Stenhousemuir FC

Trophy cabinet bare except for Stirlingshire Cup

A fan’s guide – the club from early doors to today

The Warriors of Stenhousemuir FC, formed in 1884 and clad in maroon since 1900, are the kind of club that does credit to Scottish football. Despite never reaching the league elite in nearly 140 years of activity, Stenny have stuck to their guns, running out week after week, usually in the third tier or formerly the elongated Second Division.

And while this kind of dedication and loyalty on pitch and terrace often attracts a Sylvester McMonkey McBean character who swoops in, promises success, sweeps up and sails away again, in Stenhousemuir’s case, this can’t happen. The club has been a Community Interest Company since 2009. Any profits are used for the good of Stenhousemuir FC – nobody can come in and raid the piggy bank.

The Warriors last came within sight of major silverware in 1903, a 4-1 defeat to eventual winners Rangers in the Scottish Cup semi-final.

In the league, Stenhousemuir set up camp in the old, 20-team Division Two, finishing fourth three times in succession in the 1930s, and twice third in 1959 and 1961, four agonising points from local rivals Falkirk.

Ochilview Park/Natália Jánossy

Never relegated, a logistical impossibility at the time, Stenhousemuir fell back after the 1975 Scottish League restructure that created smaller divisions. No longer able to hide among 20 teams, the Warriors kept a low profile in the third tier until the arrival of a certain Terry Christie as manager in 1992.

In his trademark duffle coat and still a school headmaster, Christie had worked wonders at little Meadowbank during the 1980s. There his mainstay in defence was Graeme Armstong. Christie signed him up straight away. Having steered Stenhousemuir to third place in the third tier in his first full season, thus avoiding the fourth tier being created in 1994-95, Christie had his players perform miracles to beat St Johnstone 4-0 and Aberdeen 2-0 in the Scottish Cup.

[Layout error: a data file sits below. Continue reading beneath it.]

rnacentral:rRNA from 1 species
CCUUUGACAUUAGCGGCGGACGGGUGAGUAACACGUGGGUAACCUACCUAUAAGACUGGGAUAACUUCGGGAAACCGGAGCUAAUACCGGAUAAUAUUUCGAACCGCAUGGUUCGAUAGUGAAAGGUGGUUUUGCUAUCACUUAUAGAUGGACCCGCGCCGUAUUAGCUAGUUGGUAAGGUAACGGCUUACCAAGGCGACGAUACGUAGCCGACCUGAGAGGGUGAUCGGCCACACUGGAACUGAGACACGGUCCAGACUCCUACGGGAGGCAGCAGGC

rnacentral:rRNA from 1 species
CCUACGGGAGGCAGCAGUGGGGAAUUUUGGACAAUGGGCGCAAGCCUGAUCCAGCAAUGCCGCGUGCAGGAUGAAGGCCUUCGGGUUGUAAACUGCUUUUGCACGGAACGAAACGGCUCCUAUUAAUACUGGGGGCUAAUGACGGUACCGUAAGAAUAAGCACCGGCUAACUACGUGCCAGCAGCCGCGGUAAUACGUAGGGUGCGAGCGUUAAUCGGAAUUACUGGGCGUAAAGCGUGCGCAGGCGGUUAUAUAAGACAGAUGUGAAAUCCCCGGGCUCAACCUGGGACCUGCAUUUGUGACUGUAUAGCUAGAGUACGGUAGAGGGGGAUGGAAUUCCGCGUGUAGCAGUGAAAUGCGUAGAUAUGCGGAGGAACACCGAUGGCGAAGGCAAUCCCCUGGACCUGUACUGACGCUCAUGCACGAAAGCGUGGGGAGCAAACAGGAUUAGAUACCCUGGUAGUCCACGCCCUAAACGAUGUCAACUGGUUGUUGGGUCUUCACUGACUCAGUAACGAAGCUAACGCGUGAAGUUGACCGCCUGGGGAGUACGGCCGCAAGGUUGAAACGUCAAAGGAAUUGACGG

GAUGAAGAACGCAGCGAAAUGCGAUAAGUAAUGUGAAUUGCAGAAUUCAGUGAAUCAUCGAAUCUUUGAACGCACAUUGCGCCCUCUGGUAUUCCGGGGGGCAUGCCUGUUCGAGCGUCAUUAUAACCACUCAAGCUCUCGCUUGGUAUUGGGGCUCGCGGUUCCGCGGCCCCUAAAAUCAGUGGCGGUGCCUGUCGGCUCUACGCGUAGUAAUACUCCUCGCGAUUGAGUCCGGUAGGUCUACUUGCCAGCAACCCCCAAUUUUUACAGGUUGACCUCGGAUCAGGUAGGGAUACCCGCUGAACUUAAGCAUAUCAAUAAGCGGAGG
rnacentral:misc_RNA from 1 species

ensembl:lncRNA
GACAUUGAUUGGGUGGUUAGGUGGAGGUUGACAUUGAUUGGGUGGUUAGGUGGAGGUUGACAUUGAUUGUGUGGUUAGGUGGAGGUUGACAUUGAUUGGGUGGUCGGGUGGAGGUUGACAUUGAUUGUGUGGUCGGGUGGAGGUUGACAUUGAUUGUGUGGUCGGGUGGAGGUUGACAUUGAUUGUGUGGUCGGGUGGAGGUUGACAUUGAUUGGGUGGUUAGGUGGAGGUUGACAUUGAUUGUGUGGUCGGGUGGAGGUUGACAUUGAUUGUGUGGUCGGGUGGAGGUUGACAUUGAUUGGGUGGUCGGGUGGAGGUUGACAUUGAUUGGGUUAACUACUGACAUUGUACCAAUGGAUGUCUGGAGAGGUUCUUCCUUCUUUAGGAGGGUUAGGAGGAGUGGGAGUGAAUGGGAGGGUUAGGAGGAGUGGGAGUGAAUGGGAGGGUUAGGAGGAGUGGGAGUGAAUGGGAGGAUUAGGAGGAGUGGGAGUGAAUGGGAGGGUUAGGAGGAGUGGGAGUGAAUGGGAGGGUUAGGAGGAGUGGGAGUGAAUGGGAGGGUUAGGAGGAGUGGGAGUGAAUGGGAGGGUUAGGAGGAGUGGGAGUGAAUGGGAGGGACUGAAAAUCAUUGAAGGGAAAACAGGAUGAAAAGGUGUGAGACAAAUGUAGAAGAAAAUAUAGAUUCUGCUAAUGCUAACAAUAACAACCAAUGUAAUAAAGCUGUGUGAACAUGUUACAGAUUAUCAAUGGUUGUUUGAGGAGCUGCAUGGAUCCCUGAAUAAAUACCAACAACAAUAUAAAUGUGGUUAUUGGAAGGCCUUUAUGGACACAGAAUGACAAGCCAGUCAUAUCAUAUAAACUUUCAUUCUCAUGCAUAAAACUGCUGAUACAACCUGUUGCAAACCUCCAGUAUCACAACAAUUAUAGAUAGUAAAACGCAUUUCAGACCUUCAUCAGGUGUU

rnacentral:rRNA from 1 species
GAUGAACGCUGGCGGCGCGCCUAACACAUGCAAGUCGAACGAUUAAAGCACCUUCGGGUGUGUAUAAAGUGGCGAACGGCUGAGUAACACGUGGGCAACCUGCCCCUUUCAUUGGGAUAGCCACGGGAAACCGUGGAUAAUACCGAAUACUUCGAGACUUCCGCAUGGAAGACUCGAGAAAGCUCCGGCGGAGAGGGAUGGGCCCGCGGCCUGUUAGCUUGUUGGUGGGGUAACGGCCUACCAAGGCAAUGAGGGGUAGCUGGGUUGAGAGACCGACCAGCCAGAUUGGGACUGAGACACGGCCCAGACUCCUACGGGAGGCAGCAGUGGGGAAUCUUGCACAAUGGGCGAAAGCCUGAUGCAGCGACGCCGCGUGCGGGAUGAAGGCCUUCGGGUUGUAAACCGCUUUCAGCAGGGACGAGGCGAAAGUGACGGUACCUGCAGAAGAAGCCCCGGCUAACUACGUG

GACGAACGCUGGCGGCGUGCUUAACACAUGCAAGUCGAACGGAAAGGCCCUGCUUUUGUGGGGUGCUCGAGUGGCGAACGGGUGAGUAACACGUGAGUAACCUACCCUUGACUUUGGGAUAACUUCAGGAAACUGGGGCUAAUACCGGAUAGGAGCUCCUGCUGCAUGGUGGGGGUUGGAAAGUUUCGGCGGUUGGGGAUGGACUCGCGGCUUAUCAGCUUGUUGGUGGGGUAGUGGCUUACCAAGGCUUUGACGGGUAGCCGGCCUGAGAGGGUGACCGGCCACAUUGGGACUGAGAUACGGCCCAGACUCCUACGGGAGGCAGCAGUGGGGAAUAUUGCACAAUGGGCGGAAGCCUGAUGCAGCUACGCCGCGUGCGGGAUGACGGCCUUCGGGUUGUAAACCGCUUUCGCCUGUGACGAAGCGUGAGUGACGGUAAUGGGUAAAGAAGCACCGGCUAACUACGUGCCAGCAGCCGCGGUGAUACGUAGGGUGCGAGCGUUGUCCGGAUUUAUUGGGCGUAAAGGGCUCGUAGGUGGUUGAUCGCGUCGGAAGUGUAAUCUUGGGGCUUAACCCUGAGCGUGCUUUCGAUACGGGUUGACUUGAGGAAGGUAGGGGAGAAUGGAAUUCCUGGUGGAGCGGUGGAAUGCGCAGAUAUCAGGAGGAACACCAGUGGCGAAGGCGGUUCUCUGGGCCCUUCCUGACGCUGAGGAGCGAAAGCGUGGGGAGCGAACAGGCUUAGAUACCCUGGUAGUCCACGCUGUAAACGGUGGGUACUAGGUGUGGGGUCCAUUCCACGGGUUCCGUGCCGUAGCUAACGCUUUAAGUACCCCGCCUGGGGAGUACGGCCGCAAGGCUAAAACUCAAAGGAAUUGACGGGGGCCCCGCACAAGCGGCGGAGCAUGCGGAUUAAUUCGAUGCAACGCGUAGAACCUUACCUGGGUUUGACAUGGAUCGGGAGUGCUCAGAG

Reaching the quarter-finals for the first time since 1950, Stenhousemuir duly fell to Hibernian – but a fire had been lit. The following season, joined by former Chelsea star Eamonn Bannon who pulled strings at the back, the Warriors won through to the final of the Scottish Challenge Cup.

Ochilview Park/Natália Jánossy

That year the tournament, for clubs outside the top flight, featured both teams from Dundee. Beating the Dark Blues 3-0 at Dens Park in the quarter-final, Stenhousemuir faced Dundee United in the final in Perth. Protected by Armstrong and Bannon for 120 minutes, on-loan keeper Roddy McKenzie then saved the first penalty in the shoot-out, by top United goalgetter Craig Brewster. With all other spot-kicks converted, the Warriors were the winners, and could lift a trophy for the first time since the Scottish Qualifying Cup in 1902.

Armstrong went on make 910 league appearances, a Scottish record. His 1,000th first-class game came against Rangers at Ibrox, a creditable 2-0 defeat – also Christie’s last match as manager.

Armstrong took over to lead Stenhousemuir to promotion from the fourth tier in 1999. A subsequent string of defeats, including a 7-0 hammering at Clyde, proved a sorry farewell. Armstrong followed Christie to Alloa as his assistant, and even came on as sub at 44.

Back at Stenhousemuir, Armstrong’s successor, Brian Fairley, brought in Isaac English to partner Martin Mooney up front, keeping Ochilview Park memorably entertained – highlights would otherwise be few and far between in the 2000s.